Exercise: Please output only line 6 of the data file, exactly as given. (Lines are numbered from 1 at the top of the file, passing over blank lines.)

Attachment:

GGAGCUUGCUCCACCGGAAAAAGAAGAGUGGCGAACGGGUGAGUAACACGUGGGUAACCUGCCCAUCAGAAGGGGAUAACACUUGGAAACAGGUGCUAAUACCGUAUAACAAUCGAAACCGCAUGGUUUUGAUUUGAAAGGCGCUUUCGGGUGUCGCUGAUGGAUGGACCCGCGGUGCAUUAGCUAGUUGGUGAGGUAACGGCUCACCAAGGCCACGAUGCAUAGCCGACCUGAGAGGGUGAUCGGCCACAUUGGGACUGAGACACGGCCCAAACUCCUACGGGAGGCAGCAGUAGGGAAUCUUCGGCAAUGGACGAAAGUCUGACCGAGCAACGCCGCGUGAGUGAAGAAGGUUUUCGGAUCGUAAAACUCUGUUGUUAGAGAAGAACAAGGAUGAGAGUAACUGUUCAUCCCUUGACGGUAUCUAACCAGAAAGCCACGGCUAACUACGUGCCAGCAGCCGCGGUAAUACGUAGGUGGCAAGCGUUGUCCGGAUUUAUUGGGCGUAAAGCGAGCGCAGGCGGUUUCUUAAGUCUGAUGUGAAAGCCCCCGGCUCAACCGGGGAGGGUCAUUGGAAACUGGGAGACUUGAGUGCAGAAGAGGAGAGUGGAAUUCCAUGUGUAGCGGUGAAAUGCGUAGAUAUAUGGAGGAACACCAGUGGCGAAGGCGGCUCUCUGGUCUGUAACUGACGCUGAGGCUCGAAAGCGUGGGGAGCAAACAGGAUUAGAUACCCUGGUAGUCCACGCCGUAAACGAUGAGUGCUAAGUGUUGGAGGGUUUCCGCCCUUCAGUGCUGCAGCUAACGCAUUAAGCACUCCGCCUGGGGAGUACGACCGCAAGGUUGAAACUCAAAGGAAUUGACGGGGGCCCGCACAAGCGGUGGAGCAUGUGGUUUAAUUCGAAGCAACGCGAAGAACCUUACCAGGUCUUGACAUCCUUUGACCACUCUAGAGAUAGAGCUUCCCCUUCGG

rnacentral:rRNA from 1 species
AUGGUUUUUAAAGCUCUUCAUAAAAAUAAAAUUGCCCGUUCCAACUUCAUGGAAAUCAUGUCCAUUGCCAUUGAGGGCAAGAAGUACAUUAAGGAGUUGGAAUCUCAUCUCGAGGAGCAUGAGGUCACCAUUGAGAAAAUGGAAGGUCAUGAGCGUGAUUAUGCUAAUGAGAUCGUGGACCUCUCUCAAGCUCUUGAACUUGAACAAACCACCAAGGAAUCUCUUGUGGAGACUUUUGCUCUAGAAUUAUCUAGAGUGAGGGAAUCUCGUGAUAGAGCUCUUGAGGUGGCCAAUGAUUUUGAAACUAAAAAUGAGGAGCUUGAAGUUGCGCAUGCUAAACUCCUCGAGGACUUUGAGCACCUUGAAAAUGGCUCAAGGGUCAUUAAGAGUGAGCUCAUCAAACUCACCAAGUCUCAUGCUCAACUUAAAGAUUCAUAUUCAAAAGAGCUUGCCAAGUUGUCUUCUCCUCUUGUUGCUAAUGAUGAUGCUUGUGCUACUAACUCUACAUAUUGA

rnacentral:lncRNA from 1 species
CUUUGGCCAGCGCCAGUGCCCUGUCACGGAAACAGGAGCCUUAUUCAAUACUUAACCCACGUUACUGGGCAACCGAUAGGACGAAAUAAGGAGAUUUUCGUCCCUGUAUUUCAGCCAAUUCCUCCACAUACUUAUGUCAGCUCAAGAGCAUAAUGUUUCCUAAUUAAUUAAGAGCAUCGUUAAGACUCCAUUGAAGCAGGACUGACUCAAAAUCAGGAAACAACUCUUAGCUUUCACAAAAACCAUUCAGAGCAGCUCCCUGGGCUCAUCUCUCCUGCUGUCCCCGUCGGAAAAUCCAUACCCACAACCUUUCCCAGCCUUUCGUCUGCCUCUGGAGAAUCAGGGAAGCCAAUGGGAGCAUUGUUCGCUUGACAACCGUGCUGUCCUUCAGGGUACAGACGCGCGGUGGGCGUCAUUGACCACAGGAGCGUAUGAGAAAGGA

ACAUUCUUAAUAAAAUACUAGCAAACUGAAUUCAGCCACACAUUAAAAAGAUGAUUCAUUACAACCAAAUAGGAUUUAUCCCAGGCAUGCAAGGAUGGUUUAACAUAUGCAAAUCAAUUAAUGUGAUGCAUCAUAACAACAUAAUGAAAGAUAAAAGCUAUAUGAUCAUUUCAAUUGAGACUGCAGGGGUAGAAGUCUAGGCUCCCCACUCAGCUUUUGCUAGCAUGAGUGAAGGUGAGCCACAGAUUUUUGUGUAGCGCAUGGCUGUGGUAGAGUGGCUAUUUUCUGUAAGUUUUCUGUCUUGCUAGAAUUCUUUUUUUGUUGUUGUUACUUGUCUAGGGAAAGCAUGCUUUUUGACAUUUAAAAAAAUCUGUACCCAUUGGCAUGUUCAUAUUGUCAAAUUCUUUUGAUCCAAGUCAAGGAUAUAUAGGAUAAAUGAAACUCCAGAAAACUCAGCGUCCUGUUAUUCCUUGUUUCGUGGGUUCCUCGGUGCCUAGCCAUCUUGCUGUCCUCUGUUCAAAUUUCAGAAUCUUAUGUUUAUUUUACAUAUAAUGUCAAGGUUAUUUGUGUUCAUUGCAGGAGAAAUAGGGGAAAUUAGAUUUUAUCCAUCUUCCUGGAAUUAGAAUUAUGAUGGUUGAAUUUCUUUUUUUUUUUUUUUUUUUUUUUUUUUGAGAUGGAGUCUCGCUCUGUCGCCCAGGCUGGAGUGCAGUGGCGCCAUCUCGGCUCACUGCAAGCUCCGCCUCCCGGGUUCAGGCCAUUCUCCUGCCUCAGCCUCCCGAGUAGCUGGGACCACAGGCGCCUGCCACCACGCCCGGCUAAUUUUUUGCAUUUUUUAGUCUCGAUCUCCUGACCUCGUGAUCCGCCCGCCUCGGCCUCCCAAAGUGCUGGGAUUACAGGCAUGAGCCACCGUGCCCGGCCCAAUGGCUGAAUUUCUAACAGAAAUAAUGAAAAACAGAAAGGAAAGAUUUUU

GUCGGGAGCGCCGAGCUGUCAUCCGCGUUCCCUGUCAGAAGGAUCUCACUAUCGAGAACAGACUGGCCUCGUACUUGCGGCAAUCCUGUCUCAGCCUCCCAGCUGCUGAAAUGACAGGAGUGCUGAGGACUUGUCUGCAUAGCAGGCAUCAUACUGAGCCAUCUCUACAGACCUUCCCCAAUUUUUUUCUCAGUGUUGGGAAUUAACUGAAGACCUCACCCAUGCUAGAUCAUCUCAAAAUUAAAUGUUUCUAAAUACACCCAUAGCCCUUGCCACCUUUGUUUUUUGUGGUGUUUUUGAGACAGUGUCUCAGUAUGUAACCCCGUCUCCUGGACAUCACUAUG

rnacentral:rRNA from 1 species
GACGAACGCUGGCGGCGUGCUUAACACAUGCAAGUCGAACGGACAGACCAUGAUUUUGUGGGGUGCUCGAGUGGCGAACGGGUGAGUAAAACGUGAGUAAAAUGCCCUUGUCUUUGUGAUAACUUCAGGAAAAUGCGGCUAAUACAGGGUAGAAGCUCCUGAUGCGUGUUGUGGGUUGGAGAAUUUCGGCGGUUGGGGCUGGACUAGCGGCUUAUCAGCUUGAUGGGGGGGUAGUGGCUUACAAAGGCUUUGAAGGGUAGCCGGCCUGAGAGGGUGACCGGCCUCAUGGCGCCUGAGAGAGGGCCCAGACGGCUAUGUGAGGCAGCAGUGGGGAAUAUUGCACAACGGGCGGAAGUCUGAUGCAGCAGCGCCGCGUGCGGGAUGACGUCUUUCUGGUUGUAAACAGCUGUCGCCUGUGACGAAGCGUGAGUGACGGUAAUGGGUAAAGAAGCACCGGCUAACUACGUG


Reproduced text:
ACAUUCUUAAUAAAAUACUAGCAAACUGAAUUCAGCCACACAUUAAAAAGAUGAUUCAUUACAACCAAAUAGGAUUUAUCCCAGGCAUGCAAGGAUGGUUUAACAUAUGCAAAUCAAUUAAUGUGAUGCAUCAUAACAACAUAAUGAAAGAUAAAAGCUAUAUGAUCAUUUCAAUUGAGACUGCAGGGGUAGAAGUCUAGGCUCCCCACUCAGCUUUUGCUAGCAUGAGUGAAGGUGAGCCACAGAUUUUUGUGUAGCGCAUGGCUGUGGUAGAGUGGCUAUUUUCUGUAAGUUUUCUGUCUUGCUAGAAUUCUUUUUUUGUUGUUGUUACUUGUCUAGGGAAAGCAUGCUUUUUGACAUUUAAAAAAAUCUGUACCCAUUGGCAUGUUCAUAUUGUCAAAUUCUUUUGAUCCAAGUCAAGGAUAUAUAGGAUAAAUGAAACUCCAGAAAACUCAGCGUCCUGUUAUUCCUUGUUUCGUGGGUUCCUCGGUGCCUAGCCAUCUUGCUGUCCUCUGUUCAAAUUUCAGAAUCUUAUGUUUAUUUUACAUAUAAUGUCAAGGUUAUUUGUGUUCAUUGCAGGAGAAAUAGGGGAAAUUAGAUUUUAUCCAUCUUCCUGGAAUUAGAAUUAUGAUGGUUGAAUUUCUUUUUUUUUUUUUUUUUUUUUUUUUUUGAGAUGGAGUCUCGCUCUGUCGCCCAGGCUGGAGUGCAGUGGCGCCAUCUCGGCUCACUGCAAGCUCCGCCUCCCGGGUUCAGGCCAUUCUCCUGCCUCAGCCUCCCGAGUAGCUGGGACCACAGGCGCCUGCCACCACGCCCGGCUAAUUUUUUGCAUUUUUUAGUCUCGAUCUCCUGACCUCGUGAUCCGCCCGCCUCGGCCUCCCAAAGUGCUGGGAUUACAGGCAUGAGCCACCGUGCCCGGCCCAAUGGCUGAAUUUCUAACAGAAAUAAUGAAAAACAGAAAGGAAAGAUUUUU